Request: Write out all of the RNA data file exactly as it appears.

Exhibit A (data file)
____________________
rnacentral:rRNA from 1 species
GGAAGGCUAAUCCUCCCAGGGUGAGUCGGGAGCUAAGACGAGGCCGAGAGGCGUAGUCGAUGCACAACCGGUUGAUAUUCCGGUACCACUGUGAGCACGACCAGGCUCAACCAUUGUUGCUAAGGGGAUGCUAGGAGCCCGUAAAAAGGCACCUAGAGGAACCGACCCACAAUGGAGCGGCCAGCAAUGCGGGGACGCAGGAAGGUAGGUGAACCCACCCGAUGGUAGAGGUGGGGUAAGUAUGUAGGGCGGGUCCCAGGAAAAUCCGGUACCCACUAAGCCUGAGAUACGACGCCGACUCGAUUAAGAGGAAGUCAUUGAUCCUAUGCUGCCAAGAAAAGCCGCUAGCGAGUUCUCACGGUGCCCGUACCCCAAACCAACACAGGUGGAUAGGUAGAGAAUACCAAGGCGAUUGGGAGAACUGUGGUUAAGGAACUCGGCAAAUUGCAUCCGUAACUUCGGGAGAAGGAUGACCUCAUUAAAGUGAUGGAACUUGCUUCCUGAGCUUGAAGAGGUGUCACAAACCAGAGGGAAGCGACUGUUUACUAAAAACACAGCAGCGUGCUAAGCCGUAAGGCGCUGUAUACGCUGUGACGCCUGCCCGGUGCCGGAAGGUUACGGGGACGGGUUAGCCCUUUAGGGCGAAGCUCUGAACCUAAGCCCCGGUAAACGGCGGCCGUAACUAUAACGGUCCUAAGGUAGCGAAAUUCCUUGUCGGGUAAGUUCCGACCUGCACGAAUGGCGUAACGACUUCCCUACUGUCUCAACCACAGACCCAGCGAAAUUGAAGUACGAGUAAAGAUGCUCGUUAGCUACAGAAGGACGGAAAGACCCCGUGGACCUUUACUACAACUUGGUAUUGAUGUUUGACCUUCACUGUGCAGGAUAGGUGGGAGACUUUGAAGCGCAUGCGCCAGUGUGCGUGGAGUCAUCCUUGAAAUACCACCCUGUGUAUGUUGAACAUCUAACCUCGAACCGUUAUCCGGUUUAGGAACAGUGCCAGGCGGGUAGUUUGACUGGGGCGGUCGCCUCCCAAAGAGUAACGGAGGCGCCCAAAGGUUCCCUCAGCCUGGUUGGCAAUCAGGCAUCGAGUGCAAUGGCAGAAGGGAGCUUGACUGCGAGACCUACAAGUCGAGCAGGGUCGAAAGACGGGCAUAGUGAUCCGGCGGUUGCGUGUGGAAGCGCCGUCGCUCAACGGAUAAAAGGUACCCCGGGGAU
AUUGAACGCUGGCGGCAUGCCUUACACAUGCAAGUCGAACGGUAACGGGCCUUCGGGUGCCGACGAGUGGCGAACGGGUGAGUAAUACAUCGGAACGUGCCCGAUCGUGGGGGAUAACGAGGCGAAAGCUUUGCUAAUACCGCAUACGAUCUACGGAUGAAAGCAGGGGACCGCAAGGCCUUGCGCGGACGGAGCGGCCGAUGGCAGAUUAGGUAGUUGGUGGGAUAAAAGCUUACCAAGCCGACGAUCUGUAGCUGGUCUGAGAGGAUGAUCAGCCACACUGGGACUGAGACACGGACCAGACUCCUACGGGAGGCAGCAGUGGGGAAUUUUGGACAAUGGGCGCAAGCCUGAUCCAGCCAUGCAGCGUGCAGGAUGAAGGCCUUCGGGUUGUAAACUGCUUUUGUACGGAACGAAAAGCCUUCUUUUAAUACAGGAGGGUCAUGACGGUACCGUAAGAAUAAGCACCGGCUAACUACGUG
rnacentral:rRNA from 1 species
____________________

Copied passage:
rnacentral:rRNA from 1 species
GGAAGGCUAAUCCUCCCAGGGUGAGUCGGGAGCUAAGACGAGGCCGAGAGGCGUAGUCGAUGCACAACCGGUUGAUAUUCCGGUACCACUGUGAGCACGACCAGGCUCAACCAUUGUUGCUAAGGGGAUGCUAGGAGCCCGUAAAAAGGCACCUAGAGGAACCGACCCACAAUGGAGCGGCCAGCAAUGCGGGGACGCAGGAAGGUAGGUGAACCCACCCGAUGGUAGAGGUGGGGUAAGUAUGUAGGGCGGGUCCCAGGAAAAUCCGGUACCCACUAAGCCUGAGAUACGACGCCGACUCGAUUAAGAGGAAGUCAUUGAUCCUAUGCUGCCAAGAAAAGCCGCUAGCGAGUUCUCACGGUGCCCGUACCCCAAACCAACACAGGUGGAUAGGUAGAGAAUACCAAGGCGAUUGGGAGAACUGUGGUUAAGGAACUCGGCAAAUUGCAUCCGUAACUUCGGGAGAAGGAUGACCUCAUUAAAGUGAUGGAACUUGCUUCCUGAGCUUGAAGAGGUGUCACAAACCAGAGGGAAGCGACUGUUUACUAAAAACACAGCAGCGUGCUAAGCCGUAAGGCGCUGUAUACGCUGUGACGCCUGCCCGGUGCCGGAAGGUUACGGGGACGGGUUAGCCCUUUAGGGCGAAGCUCUGAACCUAAGCCCCGGUAAACGGCGGCCGUAACUAUAACGGUCCUAAGGUAGCGAAAUUCCUUGUCGGGUAAGUUCCGACCUGCACGAAUGGCGUAACGACUUCCCUACUGUCUCAACCACAGACCCAGCGAAAUUGAAGUACGAGUAAAGAUGCUCGUUAGCUACAGAAGGACGGAAAGACCCCGUGGACCUUUACUACAACUUGGUAUUGAUGUUUGACCUUCACUGUGCAGGAUAGGUGGGAGACUUUGAAGCGCAUGCGCCAGUGUGCGUGGAGUCAUCCUUGAAAUACCACCCUGUGUAUGUUGAACAUCUAACCUCGAACCGUUAUCCGGUUUAGGAACAGUGCCAGGCGGGUAGUUUGACUGGGGCGGUCGCCUCCCAAAGAGUAACGGAGGCGCCCAAAGGUUCCCUCAGCCUGGUUGGCAAUCAGGCAUCGAGUGCAAUGGCAGAAGGGAGCUUGACUGCGAGACCUACAAGUCGAGCAGGGUCGAAAGACGGGCAUAGUGAUCCGGCGGUUGCGUGUGGAAGCGCCGUCGCUCAACGGAUAAAAGGUACCCCGGGGAU
AUUGAACGCUGGCGGCAUGCCUUACACAUGCAAGUCGAACGGUAACGGGCCUUCGGGUGCCGACGAGUGGCGAACGGGUGAGUAAUACAUCGGAACGUGCCCGAUCGUGGGGGAUAACGAGGCGAAAGCUUUGCUAAUACCGCAUACGAUCUACGGAUGAAAGCAGGGGACCGCAAGGCCUUGCGCGGACGGAGCGGCCGAUGGCAGAUUAGGUAGUUGGUGGGAUAAAAGCUUACCAAGCCGACGAUCUGUAGCUGGUCUGAGAGGAUGAUCAGCCACACUGGGACUGAGACACGGACCAGACUCCUACGGGAGGCAGCAGUGGGGAAUUUUGGACAAUGGGCGCAAGCCUGAUCCAGCCAUGCAGCGUGCAGGAUGAAGGCCUUCGGGUUGUAAACUGCUUUUGUACGGAACGAAAAGCCUUCUUUUAAUACAGGAGGGUCAUGACGGUACCGUAAGAAUAAGCACCGGCUAACUACGUG
rnacentral:rRNA from 1 species